L-ISA hyperreal technology enhances Harry Potter
Friday, 7 December 2018
h-potterHarry Potter at the Adelaide Entertainment Centre
Australia - This November, the Adelaide Symphony Orchestra, in partnership with CineConcerts and Warner Bros. Consumer Products, performed Harry Potter and the Prisoner of Azkaban in Concert at the Adelaide Entertainment Centre, South Australia. It was the first ever use of L-Acoustics L-ISA Hyperreal Sound in the southern hemisphere and took audiences even deeper into the magical world while the symphony orchestra performed the entire score live to picture.
L-ISA was deployed by leading Australian technical production company Novatech, which has been using L-Acoustic systems for events of all sizes and scope around Australia, from music festivals to live concerts and corporate events, for over a decade. A keen innovator and early adopter of creative event technology, the company has always endeavoured to improve the experience for guests and artists alike and has invested heavily into new technology over the years.
When L-ISA was released, Novatech looked for opportunities to use the ground-breaking technology in Australia. The search quickly focused onto one of its long-time partners, the Adelaide Symphony Orchestra, which has gained a reputation for outstanding contribution to the world of music and, with the nature of the entertainment perfectly matching the application of L-ISA, was a natural fit.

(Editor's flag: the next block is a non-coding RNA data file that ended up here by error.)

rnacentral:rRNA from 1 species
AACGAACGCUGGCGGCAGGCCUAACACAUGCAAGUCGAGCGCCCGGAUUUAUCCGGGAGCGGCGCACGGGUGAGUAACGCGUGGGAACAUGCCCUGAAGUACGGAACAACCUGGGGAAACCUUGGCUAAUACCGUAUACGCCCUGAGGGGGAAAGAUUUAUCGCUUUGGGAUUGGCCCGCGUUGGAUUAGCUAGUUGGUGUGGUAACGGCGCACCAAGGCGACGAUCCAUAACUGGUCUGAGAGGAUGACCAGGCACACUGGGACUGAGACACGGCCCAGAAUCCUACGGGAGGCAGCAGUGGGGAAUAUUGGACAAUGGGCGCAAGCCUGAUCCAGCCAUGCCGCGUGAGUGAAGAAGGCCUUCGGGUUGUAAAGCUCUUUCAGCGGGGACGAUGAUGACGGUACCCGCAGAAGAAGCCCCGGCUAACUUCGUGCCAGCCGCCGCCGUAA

“With L-Acoustics being the backbone of our audio inventory, we were excited by the introduction of L-ISA and were keen to bring it to Australia for a live performance,” remarks Novatech’s production manager, James Sacca. “It seemed fitting to partner with the Adelaide Symphony Orchestra for this Southern Hemisphere first. As always, L-Acoustics was professional to deal with and extremely supportive as we planned this technically complex event.”
The L-ISA set up included 126 input channels and 96 L-ISA objects and used an L-ISA Wide design solution, deploying a total of 84 L-Acoustics Kara cabinets in seven hangs of 12 Kara, each spaced above the performing zone to provide source separation and localization, two extension speaker groups of 12 Kiva II and two flown subwoofer arrays of four SB28 in and end fire configuration in the centre.
The monitor system comprised 10 X15 HiQ cabinets and eight X8. Control was via a DiGiCo SD10 mixing console at front of house and an AVID S6L at monitors, connected via three Optocore optical loops.
Charles Gagnon, who mixed the show, made adjustments to the soundscape using the L-ISA Controller software to address the processer and create the soundscape for static information such as object panning, source width, distance, etc., based on input channels bussed from the SD10.
“I have long been a fan of so-called surround sound and immersive audio,” says Gagnon. “I’ve done numerous recordings and broadcasts in ‘traditional’ 5.0/5.1 surround and have been involved in experimental immersive audio projects going back to the early 2000s. Advances in processing power and algorithms now make object-based systems practical so I am intrigued, but not surprised, about the emergence of these systems in the competitive live sound market.”
“As we roll out our L-ISA technology, we look to trusted partners around the globe who have the drive and creative vision to innovate alongside us,” concludes L-Acoustics regional sales manager, Tim McCall.
(Jim Evans)

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